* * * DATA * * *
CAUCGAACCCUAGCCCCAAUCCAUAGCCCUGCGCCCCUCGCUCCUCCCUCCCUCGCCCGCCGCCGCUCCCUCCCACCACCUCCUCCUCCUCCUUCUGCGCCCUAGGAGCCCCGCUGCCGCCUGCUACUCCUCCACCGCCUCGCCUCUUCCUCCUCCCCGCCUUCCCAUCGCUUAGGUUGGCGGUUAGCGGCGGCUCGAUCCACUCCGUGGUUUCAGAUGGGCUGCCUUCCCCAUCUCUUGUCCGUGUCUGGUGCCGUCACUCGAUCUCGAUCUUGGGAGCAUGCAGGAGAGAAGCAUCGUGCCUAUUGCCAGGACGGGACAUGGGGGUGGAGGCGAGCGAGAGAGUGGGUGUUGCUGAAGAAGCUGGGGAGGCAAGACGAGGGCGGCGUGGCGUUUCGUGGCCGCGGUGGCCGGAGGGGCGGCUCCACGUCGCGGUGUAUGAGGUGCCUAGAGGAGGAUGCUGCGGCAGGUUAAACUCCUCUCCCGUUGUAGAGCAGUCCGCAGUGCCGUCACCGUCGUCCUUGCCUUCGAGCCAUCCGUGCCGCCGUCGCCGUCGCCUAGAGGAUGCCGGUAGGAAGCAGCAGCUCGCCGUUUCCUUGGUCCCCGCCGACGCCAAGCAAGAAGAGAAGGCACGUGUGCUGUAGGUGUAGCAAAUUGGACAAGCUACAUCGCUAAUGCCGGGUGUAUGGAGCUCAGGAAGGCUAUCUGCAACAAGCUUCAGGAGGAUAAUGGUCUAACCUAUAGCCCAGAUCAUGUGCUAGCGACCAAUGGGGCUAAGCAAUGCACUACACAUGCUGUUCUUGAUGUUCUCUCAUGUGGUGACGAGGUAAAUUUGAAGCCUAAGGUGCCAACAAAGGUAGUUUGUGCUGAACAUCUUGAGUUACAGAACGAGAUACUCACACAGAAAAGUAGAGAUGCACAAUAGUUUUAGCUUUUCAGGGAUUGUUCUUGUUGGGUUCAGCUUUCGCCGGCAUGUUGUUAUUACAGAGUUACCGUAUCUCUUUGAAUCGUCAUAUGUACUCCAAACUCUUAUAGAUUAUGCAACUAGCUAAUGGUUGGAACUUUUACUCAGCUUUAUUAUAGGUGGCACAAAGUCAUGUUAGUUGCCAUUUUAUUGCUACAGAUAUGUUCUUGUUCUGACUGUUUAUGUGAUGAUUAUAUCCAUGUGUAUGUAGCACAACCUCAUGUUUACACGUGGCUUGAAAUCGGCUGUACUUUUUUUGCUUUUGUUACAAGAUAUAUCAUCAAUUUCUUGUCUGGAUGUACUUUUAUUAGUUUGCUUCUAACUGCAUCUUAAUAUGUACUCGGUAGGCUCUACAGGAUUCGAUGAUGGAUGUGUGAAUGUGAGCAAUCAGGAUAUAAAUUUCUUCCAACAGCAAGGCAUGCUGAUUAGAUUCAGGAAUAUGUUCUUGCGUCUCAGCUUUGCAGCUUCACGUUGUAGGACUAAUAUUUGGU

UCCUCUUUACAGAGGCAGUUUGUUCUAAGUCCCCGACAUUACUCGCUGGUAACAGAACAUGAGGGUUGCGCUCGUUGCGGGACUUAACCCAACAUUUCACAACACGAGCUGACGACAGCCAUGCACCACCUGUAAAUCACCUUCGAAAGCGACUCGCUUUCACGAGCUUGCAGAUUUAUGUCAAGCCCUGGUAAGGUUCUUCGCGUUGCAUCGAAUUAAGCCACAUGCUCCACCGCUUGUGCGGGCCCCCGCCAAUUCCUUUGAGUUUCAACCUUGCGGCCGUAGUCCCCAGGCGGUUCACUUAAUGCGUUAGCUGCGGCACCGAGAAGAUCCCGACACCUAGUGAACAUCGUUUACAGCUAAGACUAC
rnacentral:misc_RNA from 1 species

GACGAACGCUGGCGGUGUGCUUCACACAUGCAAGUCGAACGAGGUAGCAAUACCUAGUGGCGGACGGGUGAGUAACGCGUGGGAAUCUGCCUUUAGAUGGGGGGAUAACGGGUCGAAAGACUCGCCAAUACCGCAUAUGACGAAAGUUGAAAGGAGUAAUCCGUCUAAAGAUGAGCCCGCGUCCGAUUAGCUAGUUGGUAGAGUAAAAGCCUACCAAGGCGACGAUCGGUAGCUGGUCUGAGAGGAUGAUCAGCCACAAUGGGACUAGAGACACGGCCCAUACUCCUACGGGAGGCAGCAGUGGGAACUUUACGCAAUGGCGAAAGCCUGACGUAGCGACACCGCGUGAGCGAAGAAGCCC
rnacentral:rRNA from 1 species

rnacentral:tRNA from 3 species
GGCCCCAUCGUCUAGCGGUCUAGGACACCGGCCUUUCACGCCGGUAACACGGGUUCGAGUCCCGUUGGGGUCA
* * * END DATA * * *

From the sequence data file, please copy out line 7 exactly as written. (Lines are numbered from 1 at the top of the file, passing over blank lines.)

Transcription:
GGCCCCAUCGUCUAGCGGUCUAGGACACCGGCCUUUCACGCCGGUAACACGGGUUCGAGUCCCGUUGGGGUCA